Assaults in homes 'widespread'

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Indy Lifestyle Online

Mistreatment of the elderly in Britain's hospitals and residential homes is so common that it rarely makes the news, say campaigners for old people's rights.

Mistreatment of the elderly in Britain's hospitals and residential homes is so common that it rarely makes the news, say campaigners for old people's rights.

Elderly patients are regularly assaulted, abused and neglected, but only the worst cases ever come to public light, said Ginny Jenkins, director of the charity Action on Elderly Abuse, based at the headquarters of Age Concern in London.

Few parts of Britain have escaped scandals in recent years similar to the case in Southwark, south London, in which council officials had to close Nye Bevan Lodge, a council-run nursing home. In March 1987, an inquiry found that elderly residents at the home had been tortured, forced to pay for baths and physically assaulted.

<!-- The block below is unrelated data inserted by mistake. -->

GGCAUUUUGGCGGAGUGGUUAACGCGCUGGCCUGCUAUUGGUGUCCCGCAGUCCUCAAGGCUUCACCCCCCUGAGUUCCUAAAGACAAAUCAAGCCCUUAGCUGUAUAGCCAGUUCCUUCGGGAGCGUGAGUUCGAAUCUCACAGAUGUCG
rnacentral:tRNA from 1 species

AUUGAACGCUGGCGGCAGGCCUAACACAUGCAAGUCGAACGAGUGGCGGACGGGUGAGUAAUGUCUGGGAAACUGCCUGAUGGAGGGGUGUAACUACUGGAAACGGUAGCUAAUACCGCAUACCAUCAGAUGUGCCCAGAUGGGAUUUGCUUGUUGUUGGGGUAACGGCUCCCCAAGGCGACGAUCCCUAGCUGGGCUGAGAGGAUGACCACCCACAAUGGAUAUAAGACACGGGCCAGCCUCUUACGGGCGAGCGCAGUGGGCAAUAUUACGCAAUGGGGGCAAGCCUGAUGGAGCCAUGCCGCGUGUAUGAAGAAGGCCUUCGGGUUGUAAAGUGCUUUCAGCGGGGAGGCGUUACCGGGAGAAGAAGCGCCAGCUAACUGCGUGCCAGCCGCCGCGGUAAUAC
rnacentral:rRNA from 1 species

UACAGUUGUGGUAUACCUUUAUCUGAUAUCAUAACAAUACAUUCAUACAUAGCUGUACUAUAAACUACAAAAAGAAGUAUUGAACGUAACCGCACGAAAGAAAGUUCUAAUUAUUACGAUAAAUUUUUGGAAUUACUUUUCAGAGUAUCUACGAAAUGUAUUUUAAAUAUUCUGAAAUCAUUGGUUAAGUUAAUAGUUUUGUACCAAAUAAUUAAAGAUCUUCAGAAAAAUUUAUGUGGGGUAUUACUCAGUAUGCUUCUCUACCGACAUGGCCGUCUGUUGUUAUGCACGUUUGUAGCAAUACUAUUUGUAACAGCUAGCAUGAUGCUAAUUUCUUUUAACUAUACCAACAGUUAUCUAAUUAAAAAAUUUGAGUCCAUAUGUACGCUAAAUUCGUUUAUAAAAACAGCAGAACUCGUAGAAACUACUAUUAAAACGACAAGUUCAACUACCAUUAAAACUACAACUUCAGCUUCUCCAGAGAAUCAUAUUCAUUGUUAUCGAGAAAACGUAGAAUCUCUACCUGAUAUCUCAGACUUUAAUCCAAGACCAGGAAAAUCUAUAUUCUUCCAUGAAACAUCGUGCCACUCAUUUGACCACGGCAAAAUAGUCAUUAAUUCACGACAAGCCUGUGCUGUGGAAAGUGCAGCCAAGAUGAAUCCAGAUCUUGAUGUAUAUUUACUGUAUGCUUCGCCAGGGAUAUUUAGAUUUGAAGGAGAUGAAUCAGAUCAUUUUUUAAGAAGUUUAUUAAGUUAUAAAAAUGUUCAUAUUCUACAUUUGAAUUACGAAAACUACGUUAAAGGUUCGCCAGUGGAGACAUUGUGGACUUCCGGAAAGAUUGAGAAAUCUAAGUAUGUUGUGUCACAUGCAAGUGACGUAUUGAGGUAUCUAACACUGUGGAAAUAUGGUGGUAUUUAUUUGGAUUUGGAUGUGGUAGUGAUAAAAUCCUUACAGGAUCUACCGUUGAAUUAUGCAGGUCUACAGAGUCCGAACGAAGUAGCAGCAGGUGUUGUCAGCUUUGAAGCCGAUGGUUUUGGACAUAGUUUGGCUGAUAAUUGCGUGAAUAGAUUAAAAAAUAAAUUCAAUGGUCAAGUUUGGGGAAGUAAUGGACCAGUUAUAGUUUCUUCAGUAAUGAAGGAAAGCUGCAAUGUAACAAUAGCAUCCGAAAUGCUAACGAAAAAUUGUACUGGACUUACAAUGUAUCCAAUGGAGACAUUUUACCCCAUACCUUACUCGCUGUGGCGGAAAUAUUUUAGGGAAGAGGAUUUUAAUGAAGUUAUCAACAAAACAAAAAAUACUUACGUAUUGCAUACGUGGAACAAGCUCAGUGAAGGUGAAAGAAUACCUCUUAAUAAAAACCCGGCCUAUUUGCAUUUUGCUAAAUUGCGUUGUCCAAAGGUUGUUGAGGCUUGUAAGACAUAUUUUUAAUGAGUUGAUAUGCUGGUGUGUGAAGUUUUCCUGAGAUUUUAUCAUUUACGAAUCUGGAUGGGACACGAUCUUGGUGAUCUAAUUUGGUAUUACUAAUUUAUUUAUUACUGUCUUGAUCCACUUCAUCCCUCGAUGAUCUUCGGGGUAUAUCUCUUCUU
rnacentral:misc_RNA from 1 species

In 1996, six nurses at the Victoria Infirmary in Glasgow were suspended and another resigned after allegations that staff had stolen money from elderly patients, subjected Jewish and Asian patients to racist abuse, failed to change dressings and forced a vegetarian man to eat meat.

Ms Jenkins said such cases suggested that abuse of the elderly was widespread in NHS hospitals. Many more minor cases of ill-treatment crop up routinely, she said.

"I don't think the health service takes the issue of abuse seriously - and doesn't wish to recognise the extent of it within their own service," she added.

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